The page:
This App 'Brightens' People's Days With Anonymous Compliments

It's never been easier to make someone smile.


What if brightening someone's day was just a click away? Well, now it is. More than just a quick and impersonal "like" on social media, the Brighten app allows users to send personalized compliments to one another anonymously. Not only can you send a positive and loving message with just a few thumb taps, but the recipient can share their immediate response with a reaction picture. 

Austin Kevitch, now 25, came up with the original idea for the Brighten app after losing his friend Oliver Pacchiana in a rock climbing accident. Watching as the people in Pacchiana's life covered his Facebook wall with positive and loving messages, Kevitch realized how much all those kind words would have meant to Pacchiana when he was alive. "Just hearing one of those comments could change your life," Kevitch told The Huffington Post. "I learned a lot about him just from what people were sharing. It was a wake-up call that the world needs something like [Brighten]." 

He decided people shouldn't wait to share their love and appreciation for one another until it was too late. We use our phones every day to fulfill our physical needs of food, water, and shelter, so why not order use this ubiquitous tool to fulfill our emotional needs as well? 

Kevitch imagined a world in which anyone could wake up and, amidst all their regular social media notifications, would find a personalized compliment that would brighten their whole day. Then, he created it. 

Released in 2015, Brighten has since been downloaded more than 1 million times. The app and its positive message have become so popular, educators have begun integrating it into anti-bullying curriculums. Two third-grade teachers in Bridgewater, N.J., Lauren Naselli and Courtney Rothkugel, have found creative ways to teach the Brighten concept to their shared class since last year. Each day, she gave a different group of students a piece of paper featuring a hand-drawn iPhone each.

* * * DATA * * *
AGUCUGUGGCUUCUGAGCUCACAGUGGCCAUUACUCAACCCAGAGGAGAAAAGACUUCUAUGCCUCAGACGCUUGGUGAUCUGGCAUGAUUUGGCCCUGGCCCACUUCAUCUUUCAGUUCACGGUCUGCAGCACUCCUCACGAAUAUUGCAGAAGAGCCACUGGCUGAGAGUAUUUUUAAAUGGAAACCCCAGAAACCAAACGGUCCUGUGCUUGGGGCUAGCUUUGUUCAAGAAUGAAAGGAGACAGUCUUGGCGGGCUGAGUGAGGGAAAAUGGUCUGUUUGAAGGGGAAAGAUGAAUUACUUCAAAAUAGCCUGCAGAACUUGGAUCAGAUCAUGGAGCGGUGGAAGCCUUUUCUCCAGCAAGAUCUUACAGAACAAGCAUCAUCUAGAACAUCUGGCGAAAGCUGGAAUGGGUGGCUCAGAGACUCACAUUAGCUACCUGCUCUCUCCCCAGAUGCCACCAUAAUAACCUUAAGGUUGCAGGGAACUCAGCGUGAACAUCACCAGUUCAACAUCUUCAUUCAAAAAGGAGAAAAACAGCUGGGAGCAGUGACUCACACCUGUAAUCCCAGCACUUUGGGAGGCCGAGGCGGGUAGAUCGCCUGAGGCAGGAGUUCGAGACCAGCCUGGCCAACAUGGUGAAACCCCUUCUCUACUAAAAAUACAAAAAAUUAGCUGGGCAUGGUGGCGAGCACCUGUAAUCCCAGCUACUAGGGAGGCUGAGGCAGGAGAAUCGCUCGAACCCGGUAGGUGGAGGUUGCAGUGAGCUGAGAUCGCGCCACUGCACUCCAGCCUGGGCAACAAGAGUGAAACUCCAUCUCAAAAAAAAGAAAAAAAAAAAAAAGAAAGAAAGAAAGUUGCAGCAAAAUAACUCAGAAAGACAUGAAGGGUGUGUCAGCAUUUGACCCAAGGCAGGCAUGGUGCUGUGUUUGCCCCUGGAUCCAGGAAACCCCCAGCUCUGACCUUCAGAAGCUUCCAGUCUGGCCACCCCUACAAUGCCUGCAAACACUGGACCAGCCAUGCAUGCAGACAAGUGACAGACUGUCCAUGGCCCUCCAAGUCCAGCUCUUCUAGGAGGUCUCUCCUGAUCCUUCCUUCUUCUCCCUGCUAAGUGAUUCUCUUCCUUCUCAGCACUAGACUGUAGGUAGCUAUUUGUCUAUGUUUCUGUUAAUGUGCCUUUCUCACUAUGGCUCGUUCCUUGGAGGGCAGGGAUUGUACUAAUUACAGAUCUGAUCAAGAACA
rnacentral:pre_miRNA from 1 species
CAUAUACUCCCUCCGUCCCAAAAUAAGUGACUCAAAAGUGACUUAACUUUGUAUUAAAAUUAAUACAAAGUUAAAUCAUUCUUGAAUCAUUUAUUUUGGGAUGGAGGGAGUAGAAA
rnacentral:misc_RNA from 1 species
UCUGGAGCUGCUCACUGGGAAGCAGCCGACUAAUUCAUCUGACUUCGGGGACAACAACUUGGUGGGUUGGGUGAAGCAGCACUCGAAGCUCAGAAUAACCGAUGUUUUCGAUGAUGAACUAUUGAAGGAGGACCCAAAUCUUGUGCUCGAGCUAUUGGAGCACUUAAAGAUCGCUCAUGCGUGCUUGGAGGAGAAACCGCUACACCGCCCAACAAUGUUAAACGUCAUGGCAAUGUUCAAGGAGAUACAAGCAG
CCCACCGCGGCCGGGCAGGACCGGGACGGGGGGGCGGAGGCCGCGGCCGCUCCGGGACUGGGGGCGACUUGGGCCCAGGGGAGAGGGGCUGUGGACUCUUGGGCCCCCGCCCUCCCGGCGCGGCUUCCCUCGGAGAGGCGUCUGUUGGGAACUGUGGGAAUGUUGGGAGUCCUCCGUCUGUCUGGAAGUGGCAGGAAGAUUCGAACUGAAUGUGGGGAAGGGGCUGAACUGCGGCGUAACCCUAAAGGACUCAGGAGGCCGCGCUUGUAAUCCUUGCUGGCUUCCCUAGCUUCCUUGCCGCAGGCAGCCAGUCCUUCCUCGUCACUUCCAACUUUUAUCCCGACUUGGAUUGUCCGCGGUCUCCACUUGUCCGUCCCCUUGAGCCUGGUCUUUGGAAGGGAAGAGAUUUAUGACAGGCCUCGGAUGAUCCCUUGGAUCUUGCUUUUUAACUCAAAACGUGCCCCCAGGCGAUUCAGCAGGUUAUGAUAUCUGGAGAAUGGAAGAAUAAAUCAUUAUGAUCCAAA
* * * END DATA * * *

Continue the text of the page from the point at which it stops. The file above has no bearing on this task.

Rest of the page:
On the iPhone's screen, the students would write their own "brightens" — the app's name for its compliments — and give them to other students. "They loved it. It created a warm and comfortable environment," Naselli told the publication. "Our class really lifted each other up and supported one another."

But the Brighten-ing effect isn't stopping there. Most recently, the app partnered with Sandy Hook Promise, the gun violence prevention organization, for Start With Hello Week. During the weeklong endeavor to combat social isolation, more than 1,700 schools will introduce their students to Brighten. 

That's an important step in the right direction, as a 2015 survey conducted by the Department of Education showed that more than 20 percent of middle and high school students report being bullied. Young people interested in combating these statistics firsthand can also apply to be a Student Brighten Rep who will "spark the movement" at their schools.

Kevitch is hopeful about Brighten's both immediate and potential impact on safety in education. "It's all about establishing a positive culture," he concluded. "I think it's going to benefit the current generation of high schoolers." The app's already benefitted countless others of all age ranges and is sure to brighten the days of many more in the future.   

(H/T: The Huffington Post)


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